John Daly highlights some of the must read business books from 2016.
TK Whitaker: Portrait of a Patriot.
Anne Chambers, Doubleday, €25
Having celebrated his 100th birthday earlier this month, the life of the man regarded as the architect of modern Ireland has spanned the history of the Irish state itself.
This 2014 book is drawn from in-depth interviews conducted with Dr Whitaker, as well as exclusive access to his prodigious personal papers and correspondence.
Having served through multiple administrations and numerous Taoisigh, he saw the fledgling Republic dive and thrive through its many phases, and best summed up the dilemmas of national economics: “Resources are not inexhaustible. There are, however, no limits to desires.”
Respected by allacross all branches of Government, his unique ability was best encapsulated by Garret FitzGerald: “He shared all the great qualities of the first generation of civil servants, but with the crucial addition of imagination”.
Brexit: What The Hell Happens Now?
Ian Dunt, Canbury Press, €9.50
A catchy title for a subject that will continue to garner column inches well into 2017, Mr Dunt said he “wanted to write a book which could be read in a few hours, but allow someone to win arguments about Brexit for the next decade.”
Efficiently outlining the tricky topics of trade tariffs, World Trade Organisation negotiations and certificates of origin, Mr Dunt, the editor of politics.co.uk, outlines how the outcome of this decade-defining vote could dilute the UK’s international credibility, lower the standard of living there, and even challenge the legal system.
He explains how the Leave campaign built its power base, and how the electorate was fed misleading information.
One UK reviewer described the book as “an enjoyable read on the way to the Irish or French embassy passport department.”
Trump Revealed: An American Journey of Ambition, Ego, Money and Power
Marc Fisher & Michael Kranish, Scribner, €15
Over the years, Donald J Trump has prompted a mini-publishing boom around his life and times through titles like The Art of the Deal, and The Greatest Show On Earth.
As one of the greatest self-promoters of the modern era, there are still many information gaps in what we know of the US President-elect.
Co-authored by Washington Post investigative political reporter Michael Kranish and the newspaper’s senior editor Marc Fisher, this comprehensive trawl through his life charts his family roots and formative years at the New York Military Academy, early commercial triumphs and failures, his gambles on real estate and casinos, and his latest incarnation as successful politician.
Delving into Mr Trump’s alleged connections to organised crime and his global projects in Central America, Scotland, Azerbaijan and Ireland, the authors examine his wealth, political beliefs, global billionaire identity, TV stardom, and how he managed to become the most powerful person in the world.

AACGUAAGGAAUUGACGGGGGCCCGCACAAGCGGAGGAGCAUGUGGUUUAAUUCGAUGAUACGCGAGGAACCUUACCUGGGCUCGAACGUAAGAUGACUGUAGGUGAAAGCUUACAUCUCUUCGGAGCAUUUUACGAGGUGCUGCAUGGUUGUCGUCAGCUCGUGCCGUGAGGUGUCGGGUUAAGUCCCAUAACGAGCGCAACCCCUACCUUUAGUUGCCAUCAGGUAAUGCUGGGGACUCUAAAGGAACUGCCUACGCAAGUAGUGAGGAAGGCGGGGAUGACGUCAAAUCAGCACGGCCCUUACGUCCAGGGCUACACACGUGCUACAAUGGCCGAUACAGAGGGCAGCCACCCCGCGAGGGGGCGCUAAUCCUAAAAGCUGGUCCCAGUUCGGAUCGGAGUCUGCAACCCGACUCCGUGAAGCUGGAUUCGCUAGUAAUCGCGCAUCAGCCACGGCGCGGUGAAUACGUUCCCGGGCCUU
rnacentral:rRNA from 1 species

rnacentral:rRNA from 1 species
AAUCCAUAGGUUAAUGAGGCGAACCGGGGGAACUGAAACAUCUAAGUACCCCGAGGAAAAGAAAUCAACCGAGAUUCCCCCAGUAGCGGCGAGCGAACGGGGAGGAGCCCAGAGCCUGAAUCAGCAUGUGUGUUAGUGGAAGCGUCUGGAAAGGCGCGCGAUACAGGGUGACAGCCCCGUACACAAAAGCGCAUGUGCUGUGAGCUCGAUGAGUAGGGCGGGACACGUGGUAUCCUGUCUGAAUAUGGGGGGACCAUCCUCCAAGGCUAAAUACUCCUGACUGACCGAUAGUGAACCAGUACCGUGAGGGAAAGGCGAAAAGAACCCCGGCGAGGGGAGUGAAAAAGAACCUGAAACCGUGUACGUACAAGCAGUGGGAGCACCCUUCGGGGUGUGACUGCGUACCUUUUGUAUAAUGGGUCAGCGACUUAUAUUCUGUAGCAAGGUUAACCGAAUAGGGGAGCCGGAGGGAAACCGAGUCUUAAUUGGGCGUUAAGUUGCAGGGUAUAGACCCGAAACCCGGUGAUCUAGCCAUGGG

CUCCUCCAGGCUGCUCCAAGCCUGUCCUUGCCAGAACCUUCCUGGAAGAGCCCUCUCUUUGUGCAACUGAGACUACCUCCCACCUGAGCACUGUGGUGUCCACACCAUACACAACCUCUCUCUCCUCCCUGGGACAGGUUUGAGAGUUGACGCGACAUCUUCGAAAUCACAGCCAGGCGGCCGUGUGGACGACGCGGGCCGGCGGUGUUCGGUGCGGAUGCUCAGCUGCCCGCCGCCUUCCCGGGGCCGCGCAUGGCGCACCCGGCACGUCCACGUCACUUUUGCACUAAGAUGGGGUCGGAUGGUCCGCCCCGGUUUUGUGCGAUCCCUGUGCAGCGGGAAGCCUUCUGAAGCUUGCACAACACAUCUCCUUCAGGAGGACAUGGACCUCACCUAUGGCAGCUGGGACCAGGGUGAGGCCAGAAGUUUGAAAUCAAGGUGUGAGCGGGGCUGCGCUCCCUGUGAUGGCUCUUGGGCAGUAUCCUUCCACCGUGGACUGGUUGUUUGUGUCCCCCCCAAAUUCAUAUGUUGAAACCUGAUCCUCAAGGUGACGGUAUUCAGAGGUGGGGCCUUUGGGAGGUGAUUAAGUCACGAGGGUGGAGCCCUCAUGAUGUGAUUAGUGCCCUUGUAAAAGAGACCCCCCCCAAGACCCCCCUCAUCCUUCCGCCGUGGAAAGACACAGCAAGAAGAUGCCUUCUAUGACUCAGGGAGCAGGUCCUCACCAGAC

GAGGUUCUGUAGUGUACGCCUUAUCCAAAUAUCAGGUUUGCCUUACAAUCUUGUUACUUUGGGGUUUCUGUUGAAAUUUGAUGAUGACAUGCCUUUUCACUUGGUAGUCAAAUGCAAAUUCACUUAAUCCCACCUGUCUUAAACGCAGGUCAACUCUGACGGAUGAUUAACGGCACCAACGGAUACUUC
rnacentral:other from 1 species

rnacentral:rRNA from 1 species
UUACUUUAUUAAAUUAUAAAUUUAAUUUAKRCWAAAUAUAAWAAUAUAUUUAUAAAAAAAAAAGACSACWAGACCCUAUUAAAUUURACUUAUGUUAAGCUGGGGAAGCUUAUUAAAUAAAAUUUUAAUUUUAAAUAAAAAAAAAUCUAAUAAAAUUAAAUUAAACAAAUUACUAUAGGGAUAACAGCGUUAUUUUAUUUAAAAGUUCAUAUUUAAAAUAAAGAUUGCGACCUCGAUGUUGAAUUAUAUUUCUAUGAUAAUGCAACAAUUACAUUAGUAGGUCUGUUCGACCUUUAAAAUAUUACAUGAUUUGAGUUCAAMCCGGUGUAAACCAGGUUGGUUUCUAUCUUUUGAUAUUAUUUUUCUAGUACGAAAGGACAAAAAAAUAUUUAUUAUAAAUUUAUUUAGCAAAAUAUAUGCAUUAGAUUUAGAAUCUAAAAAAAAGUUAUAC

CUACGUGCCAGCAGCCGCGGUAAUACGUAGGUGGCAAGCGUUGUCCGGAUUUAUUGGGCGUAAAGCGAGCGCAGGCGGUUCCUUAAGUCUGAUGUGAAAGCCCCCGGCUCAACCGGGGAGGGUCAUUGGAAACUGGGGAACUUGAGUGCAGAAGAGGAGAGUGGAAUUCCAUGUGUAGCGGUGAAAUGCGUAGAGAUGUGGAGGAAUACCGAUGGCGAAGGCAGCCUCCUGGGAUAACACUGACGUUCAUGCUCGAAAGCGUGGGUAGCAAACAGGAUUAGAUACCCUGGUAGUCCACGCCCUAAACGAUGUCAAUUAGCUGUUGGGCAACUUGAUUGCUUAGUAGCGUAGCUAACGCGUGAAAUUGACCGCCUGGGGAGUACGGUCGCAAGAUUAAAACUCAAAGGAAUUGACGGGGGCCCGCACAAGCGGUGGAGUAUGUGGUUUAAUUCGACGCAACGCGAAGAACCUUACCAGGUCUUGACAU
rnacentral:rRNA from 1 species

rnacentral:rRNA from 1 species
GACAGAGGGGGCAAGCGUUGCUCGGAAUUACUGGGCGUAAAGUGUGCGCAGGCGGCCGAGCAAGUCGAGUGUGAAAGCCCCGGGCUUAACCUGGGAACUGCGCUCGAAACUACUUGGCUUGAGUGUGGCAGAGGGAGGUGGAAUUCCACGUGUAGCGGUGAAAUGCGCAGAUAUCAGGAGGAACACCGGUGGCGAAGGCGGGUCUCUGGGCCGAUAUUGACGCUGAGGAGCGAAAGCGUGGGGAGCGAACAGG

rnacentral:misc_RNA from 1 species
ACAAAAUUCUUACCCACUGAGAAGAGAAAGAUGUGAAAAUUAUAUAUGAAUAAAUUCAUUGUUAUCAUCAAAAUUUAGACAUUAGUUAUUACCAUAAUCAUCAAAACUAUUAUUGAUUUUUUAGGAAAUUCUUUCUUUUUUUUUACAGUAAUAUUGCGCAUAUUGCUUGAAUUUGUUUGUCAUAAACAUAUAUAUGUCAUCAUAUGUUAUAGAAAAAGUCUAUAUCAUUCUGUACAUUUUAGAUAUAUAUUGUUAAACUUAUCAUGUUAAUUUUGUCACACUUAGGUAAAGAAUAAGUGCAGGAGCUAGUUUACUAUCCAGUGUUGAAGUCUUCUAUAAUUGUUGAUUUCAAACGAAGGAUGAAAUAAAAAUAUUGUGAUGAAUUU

Twenty hours of interviews with Mr Trump helped Mr Fisher come to a better understanding of the candidate.
The Business Bullshit Book: A Dictionary for Navigating the Jungle of Corporate Speak
Kevin Duncan, Lid, €9.90
Business jargon is an ever-changing creature, extending its reach every year further into not just the corporate environment, but increasingly everyday life.
Who amongst us has not been promised the benefit of ‘reaching out’ to someone, advised to ‘walk the walk’ for better results, or indeed how to cope with the ‘shifting paradigms’ of the modern commercial arena.
Business has become so complex now, one has to constantly ‘think outside the box’ to have any chance of coping properly.
Mr Duncan, a marketing expert, deciphers the jargon encountered in business today in a collection of over 2,000 of the most annoying, pretentious and often useless business terms — each delivered with a heavy dose of humour.
Take ‘blue-sky thinking’ for instance: “Shocking verb-cum-noun-cum-adjective much loved of Americans, roughly denoting to think broadly and vaguely; useless hot air session in which many attendees talk drivel for a sustained period, congratulate themselves on a highly constructive session, and then sod off to the golf course to wear dreadful trousers.”
Jake Knapp, John Zeratsky & Braden Kowitz, Simon & Schuster, €25
In this guide from Google’s venture capital arm, GV, its three design partners outline how to implement their signature five-day ‘sprint’ session used to launch game-changing products with companies like Blue Bottle Coffee, Slack, and Nest.
It posits the notion that the biggest challenges require less time, not more; that individuals produce better solutions than teams; and that anything can be tested in one week by building a realistic facade.
A practical guide to answering business questions — from small start-ups to Fortune 100 companies —and includes a hotel robotics maker searching for the perfect robot personality, an innovative coffee roaster expanding to new markets, and a company organising the world’s cancer data.
Shoe Dog: A Memoir by the creator of Nike
Phil Knight, Simon & Schuster, €13.99
In 1962, fresh out of business school, Phil Knight borrowed $50 from his father and created a company with a simple mission — to import high-quality, low-cost athletic shoes from Japan.
Selling the shoes from the boot of his car, Mr Knight grossed $8,000 in his first year. Today, Nike’s annual sales top $30bn.
Mr Knight, who retired earlier this year, details the many risks and setbacks encountered, plus the formative relationships with his first partners and employees — a ragtag group of misfits and seekers who became a band of brothers — dedicated to a deep belief in the spirit of sport.
Not alone is Nike the world’s biggest athletic company, with a market cap of $88bn, it has also managed to retain its status as a worldwide leader of ‘cool’ since the 1970s.
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